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First of all, Shreveport's KSLA is already set to air Rudolph The Red-Nosed Reindeer twice for the 2021 holiday season. First on November 22nd, then again on December 11th.

But why would the question even be asked? It's because the calls to "cancel" Rudolph have been growing for years. To the point that the show really has momentum building against it.

The calls to take Rudolph down really started back in 2010. At the time, it seemed like a joke to most. I mean, it came from the site Cracked, and was written in a cheeky tone. But it was taken extremely seriously by some.

It continued into 2011, but was met with a lot of pushback. But the defense of Rudolph got caught up into the "War on Christmas" dialog, which meant it got written off by a lot of people. However those who really want to end Rudolph kept their plan moving forward.

By 2017, the concept of "canceling" Rudolph moved from joke blogs on Cracked to long-form essays on sites like Slate. In that piece from Christina Cauterucci, the attacks center mostly around politics in Alabama (no joke), but the actual issues with the show revolve around males being involved in the main story.

But beyond that piece, the Cancel Culture warriors online can find more issues than that.

In 2018, the cringe-filled bastion of online Cancel Culture, HuffPost, decided it was their time to shine like a red nose on a reindeer...

By this point, the Cancel Culture mob had evolved into using trigger words like "bigot", "racism", "homophobia", and other casual dog whistles for the SJWs.

Now while you could find one or two big writeups a year from about 2015-2019 on canceling Rudolph, 2020 seemed to be the year the movement really gained steam. Not just on the standard Cancel Culture calls, but murder was added to the mix by this point. But The Atlantic took the biggest aim.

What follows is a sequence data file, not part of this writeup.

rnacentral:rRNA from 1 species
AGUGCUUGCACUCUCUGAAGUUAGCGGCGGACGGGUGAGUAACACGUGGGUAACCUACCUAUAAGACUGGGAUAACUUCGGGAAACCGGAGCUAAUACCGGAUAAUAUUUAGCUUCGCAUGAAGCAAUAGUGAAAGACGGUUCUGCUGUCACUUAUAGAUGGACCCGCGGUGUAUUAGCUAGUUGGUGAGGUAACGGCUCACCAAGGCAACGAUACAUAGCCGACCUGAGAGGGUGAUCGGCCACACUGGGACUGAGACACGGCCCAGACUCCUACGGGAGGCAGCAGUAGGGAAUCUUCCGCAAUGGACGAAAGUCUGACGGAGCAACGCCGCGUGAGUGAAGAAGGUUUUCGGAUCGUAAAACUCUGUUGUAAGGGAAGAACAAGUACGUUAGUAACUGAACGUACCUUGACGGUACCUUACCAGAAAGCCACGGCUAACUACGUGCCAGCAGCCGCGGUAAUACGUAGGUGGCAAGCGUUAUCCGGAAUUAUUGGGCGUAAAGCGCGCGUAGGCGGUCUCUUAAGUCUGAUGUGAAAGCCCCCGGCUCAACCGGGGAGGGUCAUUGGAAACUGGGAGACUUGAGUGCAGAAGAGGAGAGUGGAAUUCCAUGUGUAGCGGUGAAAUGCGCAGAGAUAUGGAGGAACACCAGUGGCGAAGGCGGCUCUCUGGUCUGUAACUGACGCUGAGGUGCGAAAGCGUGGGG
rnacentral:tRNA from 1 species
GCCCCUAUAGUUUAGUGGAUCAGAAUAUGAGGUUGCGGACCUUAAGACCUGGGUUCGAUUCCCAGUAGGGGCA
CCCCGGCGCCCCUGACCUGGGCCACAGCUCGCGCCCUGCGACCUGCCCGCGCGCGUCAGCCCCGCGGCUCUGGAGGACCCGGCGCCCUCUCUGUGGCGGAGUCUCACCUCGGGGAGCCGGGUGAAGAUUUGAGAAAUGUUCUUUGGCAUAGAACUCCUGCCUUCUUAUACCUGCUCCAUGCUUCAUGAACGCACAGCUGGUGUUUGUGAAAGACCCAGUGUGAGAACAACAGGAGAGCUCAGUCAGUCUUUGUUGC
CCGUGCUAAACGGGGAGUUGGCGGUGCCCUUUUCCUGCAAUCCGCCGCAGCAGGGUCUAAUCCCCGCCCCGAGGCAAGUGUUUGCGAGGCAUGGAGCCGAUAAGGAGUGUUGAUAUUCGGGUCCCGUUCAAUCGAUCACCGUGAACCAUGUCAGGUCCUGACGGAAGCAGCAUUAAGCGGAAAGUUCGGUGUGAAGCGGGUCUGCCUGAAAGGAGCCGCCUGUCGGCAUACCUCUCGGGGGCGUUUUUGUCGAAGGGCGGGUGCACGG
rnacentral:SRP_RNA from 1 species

In a piece called "Don’t Subject Your Kids to Rudolph" by Caitlin Flanagan, she escalated all the way from Cracked's cheeky Rudolph bit to full blown Cancel Culture flamethrower. Flanagan takes aim at elves, Santa, the Abominable, the reindeer, and pretty much everyone.

But what's weird about her piece is that all of her problems with the show are intentional. She has issues with the bad guys, the issues that have to be overcome by the heroes, and how they do it. All of the "triggers" and "problematic" parts of according to the Cancel Culture SJWs are the parts you should have to watch. They are the parts that make the point.

This is noted by other entertainment and culture critics though. The ones who actually understand the point of the show. You're supposed to understand that there are people in life who are inherently worried about things that are different. But Rudolph is supposed to help people get comfortable with the fact that everyone has something to contribute. People should learn not to push others away because of their differences, because everyone has something to offer. Even the big "evil" monster can help if given a chance.

But if we've learned anything about Cancel Culture and SJWs over the last decade, it's that they can't grasp those concepts...which Rudolph is helping us see once again.

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